What’s your proudest athletic moment?

Did someone say “taper?”: The MEC Century Ride and happy biking

Since I’ve become one of those triathletes who can’t seem to stop talking about their races, you might know that in t minus 6 days, I’ll be racing in my first half Ironman distance race in New York State. With some planning ahead (i.e. what the heck do I eat and drink?) that I’m glad to have help from my fellow triathlete friends with, I feel mostly ready.


If you follow the blog, you’ll know that I was a bit under the weather last week and the week before leading up to a vacation to New York for a gran fondo. But I’m feeling much better (though still not 100%, and especially not when I’m exercising) and this weekend I was able to get out for an open water swim with a local group and then for the MEC Century Ride (100km, not miles).

Getting ready to ride!

Getting ready to ride!

Given the way I took a lot of extra time off, I don’t think 100km will tire me out too much with my race a week away. For some people, 100km is big and scary. For me, it’s maybe the perfect distance–long enough to warrant ice cream in celebration but also short enough that things don’t really start to ache and I’m not rushing to get off my bike as soon as possible. 100 mile centuries are long and fun with the right group, 100 kilometre ones (or “Medio Fondo” distances, perhaps) might be more my style. I sort of take pride in the fact that I can go and go and go when it comes to distance, but riding a quick 100km yesterday felt so darn good.

from behind

Maybe it felt so good because of the sunshine–Mother Nature made up for the rainy ride last weekend with this past weekend. Or maybe it was the company–my training pal Katie and I went out together and I knew that even if I couldn’t keep pace with our super duper fast friends (this means you, Amy and Chris), there would be people I know going all kinds of paces. We fell in with a group of people we didn’t know personally but that I recognized from some social media posts from friends who I ride with! I am so glad I (creepily) mentioned that I recognized them, because riding in 7 strong was great and there was lots of conversation to be had in between Clif bars.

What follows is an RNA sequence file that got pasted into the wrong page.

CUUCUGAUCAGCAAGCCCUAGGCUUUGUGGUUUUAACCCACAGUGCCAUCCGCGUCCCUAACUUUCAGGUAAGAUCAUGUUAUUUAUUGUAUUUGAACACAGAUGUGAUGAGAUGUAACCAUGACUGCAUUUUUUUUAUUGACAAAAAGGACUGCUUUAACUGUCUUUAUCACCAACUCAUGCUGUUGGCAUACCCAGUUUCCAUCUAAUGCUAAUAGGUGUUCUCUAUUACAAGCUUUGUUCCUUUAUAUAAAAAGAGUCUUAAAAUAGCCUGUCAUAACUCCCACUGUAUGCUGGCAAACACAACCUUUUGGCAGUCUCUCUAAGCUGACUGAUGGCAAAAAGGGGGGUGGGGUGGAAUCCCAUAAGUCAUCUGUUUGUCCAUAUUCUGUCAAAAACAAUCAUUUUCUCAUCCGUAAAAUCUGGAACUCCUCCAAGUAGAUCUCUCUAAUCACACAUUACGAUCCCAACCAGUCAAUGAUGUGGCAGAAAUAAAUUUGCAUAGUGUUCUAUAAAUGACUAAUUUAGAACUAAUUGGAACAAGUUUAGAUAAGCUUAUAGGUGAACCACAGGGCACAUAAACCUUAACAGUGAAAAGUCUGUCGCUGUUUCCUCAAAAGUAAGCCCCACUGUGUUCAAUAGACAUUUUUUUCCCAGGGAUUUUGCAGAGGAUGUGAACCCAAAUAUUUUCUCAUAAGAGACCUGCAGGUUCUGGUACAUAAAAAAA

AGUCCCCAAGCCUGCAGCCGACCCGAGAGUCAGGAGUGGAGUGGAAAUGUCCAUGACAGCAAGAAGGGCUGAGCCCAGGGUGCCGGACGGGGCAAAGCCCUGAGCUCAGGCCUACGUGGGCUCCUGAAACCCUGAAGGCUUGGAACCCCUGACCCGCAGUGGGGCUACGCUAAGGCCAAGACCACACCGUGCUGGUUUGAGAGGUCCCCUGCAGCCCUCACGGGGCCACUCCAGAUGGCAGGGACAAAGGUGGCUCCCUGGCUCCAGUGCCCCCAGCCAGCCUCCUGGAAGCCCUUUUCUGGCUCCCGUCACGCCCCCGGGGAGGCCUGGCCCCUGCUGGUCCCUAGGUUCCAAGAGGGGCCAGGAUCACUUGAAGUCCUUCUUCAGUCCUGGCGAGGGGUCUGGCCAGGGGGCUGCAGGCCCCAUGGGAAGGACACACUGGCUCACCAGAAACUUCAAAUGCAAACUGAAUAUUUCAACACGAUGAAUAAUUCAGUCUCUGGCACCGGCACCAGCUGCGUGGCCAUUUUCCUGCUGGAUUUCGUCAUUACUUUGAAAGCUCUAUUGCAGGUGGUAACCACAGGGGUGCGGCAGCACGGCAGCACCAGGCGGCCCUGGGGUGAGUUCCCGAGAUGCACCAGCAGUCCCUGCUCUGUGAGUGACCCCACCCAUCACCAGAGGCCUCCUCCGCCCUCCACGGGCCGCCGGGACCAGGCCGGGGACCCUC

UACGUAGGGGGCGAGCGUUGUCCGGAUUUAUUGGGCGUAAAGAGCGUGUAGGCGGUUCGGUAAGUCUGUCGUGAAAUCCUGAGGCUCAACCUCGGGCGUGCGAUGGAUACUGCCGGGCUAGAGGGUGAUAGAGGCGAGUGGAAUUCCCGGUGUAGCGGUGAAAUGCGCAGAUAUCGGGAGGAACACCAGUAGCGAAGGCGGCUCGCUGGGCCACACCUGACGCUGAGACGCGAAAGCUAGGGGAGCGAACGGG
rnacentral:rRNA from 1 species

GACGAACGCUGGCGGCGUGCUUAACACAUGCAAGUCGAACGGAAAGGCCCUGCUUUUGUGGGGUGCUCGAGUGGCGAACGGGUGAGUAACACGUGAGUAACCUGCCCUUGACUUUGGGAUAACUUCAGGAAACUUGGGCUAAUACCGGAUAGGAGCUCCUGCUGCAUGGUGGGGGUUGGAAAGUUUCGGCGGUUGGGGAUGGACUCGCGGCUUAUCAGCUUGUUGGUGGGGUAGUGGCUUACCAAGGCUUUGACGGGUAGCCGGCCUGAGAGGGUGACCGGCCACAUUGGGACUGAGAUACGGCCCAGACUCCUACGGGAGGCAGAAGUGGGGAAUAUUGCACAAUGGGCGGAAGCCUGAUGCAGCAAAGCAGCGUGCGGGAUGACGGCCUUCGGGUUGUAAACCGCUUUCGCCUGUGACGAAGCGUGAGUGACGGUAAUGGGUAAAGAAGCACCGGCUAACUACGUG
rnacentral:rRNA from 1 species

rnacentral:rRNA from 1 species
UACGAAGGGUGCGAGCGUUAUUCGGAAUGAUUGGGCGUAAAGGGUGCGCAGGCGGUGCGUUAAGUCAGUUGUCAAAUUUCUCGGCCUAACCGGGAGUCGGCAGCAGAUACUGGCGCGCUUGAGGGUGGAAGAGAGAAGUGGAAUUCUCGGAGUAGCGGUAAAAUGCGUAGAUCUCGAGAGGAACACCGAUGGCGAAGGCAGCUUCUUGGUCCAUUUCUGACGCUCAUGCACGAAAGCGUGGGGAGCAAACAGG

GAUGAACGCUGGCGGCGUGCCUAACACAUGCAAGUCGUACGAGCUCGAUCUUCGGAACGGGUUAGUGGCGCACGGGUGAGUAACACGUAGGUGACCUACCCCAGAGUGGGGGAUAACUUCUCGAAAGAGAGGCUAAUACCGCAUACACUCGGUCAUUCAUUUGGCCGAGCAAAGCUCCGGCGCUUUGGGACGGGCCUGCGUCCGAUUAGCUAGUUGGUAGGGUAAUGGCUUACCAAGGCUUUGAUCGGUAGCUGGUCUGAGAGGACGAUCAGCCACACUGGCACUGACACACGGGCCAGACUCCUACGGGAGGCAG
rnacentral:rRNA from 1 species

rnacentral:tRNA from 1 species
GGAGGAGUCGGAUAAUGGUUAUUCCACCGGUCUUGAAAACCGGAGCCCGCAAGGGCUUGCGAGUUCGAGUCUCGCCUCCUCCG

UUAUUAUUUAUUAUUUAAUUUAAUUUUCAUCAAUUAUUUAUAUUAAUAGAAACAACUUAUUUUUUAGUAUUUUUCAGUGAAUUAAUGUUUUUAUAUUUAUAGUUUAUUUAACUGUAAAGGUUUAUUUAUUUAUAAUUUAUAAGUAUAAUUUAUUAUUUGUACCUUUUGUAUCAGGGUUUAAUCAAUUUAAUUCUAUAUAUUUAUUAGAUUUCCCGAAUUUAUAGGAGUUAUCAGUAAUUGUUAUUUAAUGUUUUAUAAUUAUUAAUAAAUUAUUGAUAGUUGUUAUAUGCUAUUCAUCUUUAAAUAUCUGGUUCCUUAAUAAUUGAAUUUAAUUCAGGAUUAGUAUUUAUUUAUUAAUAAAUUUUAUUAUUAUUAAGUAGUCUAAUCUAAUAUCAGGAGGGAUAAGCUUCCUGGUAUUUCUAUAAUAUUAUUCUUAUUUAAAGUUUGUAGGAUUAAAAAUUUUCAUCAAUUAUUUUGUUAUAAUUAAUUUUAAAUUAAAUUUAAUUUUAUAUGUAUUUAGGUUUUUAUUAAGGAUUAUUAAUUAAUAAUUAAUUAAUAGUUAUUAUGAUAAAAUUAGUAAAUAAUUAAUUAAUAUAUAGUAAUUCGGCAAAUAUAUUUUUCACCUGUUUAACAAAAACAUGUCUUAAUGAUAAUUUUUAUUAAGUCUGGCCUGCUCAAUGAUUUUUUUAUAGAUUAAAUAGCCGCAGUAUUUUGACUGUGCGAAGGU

Post-ride, with our new friends!

Post-ride, with our new friends!

The event itself was also so well run! I saw tons of familiar faces, like Sam, who blogged about her day and said she had fun riding herself even if it was hot. I agree with her that the ride on the path out of town was not my favourite, but it gave me a reason to push a little when we got off of it and onto the open roads and away from all the fellow riders and turns that make me nervous. The rest stops were well-stocked and filled with friendly volunteers, and the cost was less than 50$ whether you registered day-of or in advance. That’s what I’m talking about! MEC does a good job with these rides, which I know they have in other cities, and with their running series. Next year, I’m thinking of signing up for the whole series for 75$ and getting a bunch of races on my student budget for what would normally pay for one. Plus they still feed you post-ride!

post-ride food

We ended up averaging a pretty quick pace, which I’ll take as a bonus on top of the fun I had. After my 23km/hr fondo in the rain and hills with bike issues, I’ll take 30.6 over 100km as indication that I’ve still got “it.” I’m excited for my race but will be glad for the freedom after of being able to ride with friends a little more and to do more group riding.

Screen Shot 2015-07-06 at 9.34.09 AM

For now, it’s time for a taper. This week and next, when I’ll be recovering and relishing my accomplishment if things go according to plan this weekend, I’ll be glad to have some shorter workouts to give me the time to finish my thesis, which is in draft form and coming along, finally, at least in my opinion! Usually, and I think like a lot of other recreational triathletes who do the training as a form of exercise and stress relief, I get pretty antsy backing off before a race. So today I’m thankful for my thesis, even if it is kicking my butt!

Happy Monday, folks!

Have you ever done a MEC event?
What is your favourite distance to bike?
How did you enjoy the sunshine this past weekend?